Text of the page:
Tom Hopen of the Alabama Department of Forensic Sciences testified that he had received hair samples of the prosecutrix, her husband, and the appellant from Officer Gantt. He also testified that he received a hat and found hair samples in the hat. He stated that the hair samples found in the hat did not come from the prosecutrix or her husband. He further stated that his comparison could not distinguish between the hair samples from the appellant and those found in the hat.

Officer J.T. Hunt of the Montgomery Police Department testified that on July 2, 1982, he had encountered the appellant, at approximately 1:15 a.m., jogging in the Southlawn/English Village area. The appellant identified himself at that time as Tracy Flowers and had no identification on him. He stated that one week later he also saw the appellant in an orange Dodge Colt automobile. He stated that on this occasion he saw a white sailor hat in the appellant's car. He said that the hat found in the prosecutrix's home was "very similar, if not the same one" as he had previously seen in the appellant's car.

*954 The prosecutrix was allowed, over the appellant's objection, to introduce a woman who also testified that she, too, had been raped. She stated that this attack took place at approximately 3:00 a.m. on August 5, 1982. She testified that she also lived in the same area as the prosecutrix, and the appellant, which is the Southlawn/English Village area. She testified that she came home that night at about 1:00 a.m. and went straight to bed. She said that she was awakened a short time later by a black male of muscular build and masked with a pantyhose over his face. She said that the man was naked when she first saw him. She said that the man had a butcher knife in his hand, that he took her clothes off of her, and then forced her to have sexual intercourse with him. She said that after he had intercourse with her, he placed a pillow over her face. She said that he then had sexual intercourse several more times. She stated that she asked him to let her go to the bathroom and when she came out of the bathroom he was dressed. She said that he left through the front door. She stated that the man had entered her home through a front bedroom window, where the screen had been removed and the window broken. She stated that she then called her parents and the police department. She further testified that the street where the appellant lives is two blocks from her house.

Officer J.T. Roy of the Montgomery Police Department testified that he had obtained the aluminum screen from this woman's house and gave it to T.R. Shanks.

T.R. Shanks testified that he took latent fingerprints from the aluminum screen. He stated that these prints came from the outer and inner portions of the screen. He further stated that these fingerprints matched those of the appellant.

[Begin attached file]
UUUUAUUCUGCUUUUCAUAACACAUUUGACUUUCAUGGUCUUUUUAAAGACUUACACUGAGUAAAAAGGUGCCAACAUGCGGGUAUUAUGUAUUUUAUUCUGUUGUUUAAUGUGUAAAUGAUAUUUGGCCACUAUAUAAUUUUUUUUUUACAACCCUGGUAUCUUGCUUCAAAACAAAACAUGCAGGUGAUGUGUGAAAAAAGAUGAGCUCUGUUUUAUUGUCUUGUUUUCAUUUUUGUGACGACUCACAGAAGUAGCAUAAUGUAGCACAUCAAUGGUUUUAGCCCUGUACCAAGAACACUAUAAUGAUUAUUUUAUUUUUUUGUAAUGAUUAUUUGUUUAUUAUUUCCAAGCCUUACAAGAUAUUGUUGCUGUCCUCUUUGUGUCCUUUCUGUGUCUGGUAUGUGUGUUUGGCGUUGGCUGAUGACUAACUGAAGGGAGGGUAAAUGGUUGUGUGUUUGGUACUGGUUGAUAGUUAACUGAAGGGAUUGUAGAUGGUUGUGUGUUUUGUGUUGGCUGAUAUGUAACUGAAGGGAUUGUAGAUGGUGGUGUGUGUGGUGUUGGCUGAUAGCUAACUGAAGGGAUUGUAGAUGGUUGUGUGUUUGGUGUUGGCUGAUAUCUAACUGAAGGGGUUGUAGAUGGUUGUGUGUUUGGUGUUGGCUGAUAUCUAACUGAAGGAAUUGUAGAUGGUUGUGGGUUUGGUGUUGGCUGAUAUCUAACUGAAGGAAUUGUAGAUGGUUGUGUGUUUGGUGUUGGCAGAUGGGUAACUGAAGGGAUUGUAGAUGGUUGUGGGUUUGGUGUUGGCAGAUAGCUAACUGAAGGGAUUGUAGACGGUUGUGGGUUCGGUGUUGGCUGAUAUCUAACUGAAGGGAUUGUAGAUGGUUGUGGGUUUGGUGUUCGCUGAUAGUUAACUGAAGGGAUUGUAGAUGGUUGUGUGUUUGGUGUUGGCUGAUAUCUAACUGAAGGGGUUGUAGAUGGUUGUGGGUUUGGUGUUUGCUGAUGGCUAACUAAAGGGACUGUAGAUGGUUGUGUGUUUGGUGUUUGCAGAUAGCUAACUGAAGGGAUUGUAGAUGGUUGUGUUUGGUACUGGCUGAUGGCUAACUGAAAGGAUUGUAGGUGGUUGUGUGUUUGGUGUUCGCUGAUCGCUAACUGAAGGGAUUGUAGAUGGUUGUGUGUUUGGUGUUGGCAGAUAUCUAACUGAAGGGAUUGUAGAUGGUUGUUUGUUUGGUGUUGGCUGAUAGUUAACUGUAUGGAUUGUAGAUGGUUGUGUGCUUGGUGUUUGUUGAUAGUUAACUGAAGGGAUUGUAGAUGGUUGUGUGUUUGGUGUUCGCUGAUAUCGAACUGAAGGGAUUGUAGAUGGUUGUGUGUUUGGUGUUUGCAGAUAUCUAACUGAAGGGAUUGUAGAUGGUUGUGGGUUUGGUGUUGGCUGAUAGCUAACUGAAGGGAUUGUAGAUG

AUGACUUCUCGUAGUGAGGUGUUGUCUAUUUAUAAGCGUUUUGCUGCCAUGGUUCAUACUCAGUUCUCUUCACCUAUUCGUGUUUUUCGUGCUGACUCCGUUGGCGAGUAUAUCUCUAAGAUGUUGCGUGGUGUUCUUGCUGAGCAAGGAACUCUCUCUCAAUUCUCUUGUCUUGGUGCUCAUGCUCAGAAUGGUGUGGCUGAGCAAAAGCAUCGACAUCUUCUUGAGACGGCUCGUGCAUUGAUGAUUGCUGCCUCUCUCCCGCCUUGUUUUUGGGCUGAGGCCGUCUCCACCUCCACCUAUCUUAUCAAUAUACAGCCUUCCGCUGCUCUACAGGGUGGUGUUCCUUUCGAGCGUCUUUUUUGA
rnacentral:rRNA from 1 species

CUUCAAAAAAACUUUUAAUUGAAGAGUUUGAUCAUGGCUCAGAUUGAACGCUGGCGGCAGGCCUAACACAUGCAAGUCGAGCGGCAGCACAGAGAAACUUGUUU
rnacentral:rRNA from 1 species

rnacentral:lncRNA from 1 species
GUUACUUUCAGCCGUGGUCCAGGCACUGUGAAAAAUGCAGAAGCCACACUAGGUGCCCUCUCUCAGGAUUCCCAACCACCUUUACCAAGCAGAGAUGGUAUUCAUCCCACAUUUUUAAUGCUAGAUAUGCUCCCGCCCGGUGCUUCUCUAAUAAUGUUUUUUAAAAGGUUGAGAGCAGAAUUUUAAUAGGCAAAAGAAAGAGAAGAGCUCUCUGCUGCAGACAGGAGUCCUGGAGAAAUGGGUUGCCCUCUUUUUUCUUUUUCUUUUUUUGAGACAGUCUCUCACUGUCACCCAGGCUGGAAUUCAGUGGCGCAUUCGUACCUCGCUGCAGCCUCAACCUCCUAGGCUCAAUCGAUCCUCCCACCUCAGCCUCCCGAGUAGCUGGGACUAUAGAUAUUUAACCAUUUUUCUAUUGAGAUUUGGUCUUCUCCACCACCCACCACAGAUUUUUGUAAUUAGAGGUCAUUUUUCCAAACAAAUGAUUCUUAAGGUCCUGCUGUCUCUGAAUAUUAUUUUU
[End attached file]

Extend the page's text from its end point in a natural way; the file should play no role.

The appellant testified that he did not know the prosecutrix, nor had he ever seen her before. He said that on the night of August 5, 1982, he was at home. He said that at about 10:00 p.m. a Paul Marzette came to his house and stayed until a little after 11:00 p.m. He further testified that his wife arrived home from work at about 11:15 p.m. and that they talked for a while, then went to bed. He stated that he did not leave his house that night.

Paul Marzette corroborated the appellant's alibi. The appellant's wife stated that after she arrived home the appellant did not leave the house.


The appellant argues on appeal that the trial court erred in failing to suppress testimony of a prior similar crime.

It is established in Alabama that admission of evidence of other or collateral crimes may not be used as substantive evidence of guilt of the defendant. C. Gamble, McElroy's Alabama Evidence, § 69.01 (3rd ed. 1977); Lewis v. State, 399 So. 2d 907 (Ala.Cr.App.1981); Breen v. State, 349 So. 2d 113 (Ala.Cr.App.1977). However, there are several exceptions to this general rule. One such exception to this rule, which is applicable in this case, is the identity exception. In order for a collateral crime to be admissible under the identity exception, the crime must have been committed "in the same novel and peculiar manner" as the crime for which the accused is now charged. C. Gamble, McElroy's Alabama Evidence, § 69.01(8) (3rd ed. 1977); Smith v. State, 409 So. 2d 455 (Ala.Cr.App.1981); Breen v. State, supra. Also, the "identity exception to the general exclusionary rule only becomes applicable when the identity of the person who committed the now-charged crime is in issue." C. Gamble, McElroy's Alabama Evidence, § 69.01(8) (3rd ed. 1977); Thomas v. State, 409 So. 2d 955 (Ala.Cr.App. 1981). There have been a plethora of cases in Alabama dealing with the identity exception, many of which have held that crimes were so similar that they can be said to be the work of a single individual, thus serving the purpose of identifying the accused. See, e.g., Smith v. State, supra; Thomas v. State, supra; Hayes v. State, 384 So. 2d 623 (Ala.Cr.App.1979), cert. quashed, 384 So. 2d 627 (Ala.1980); Breen v. State, supra.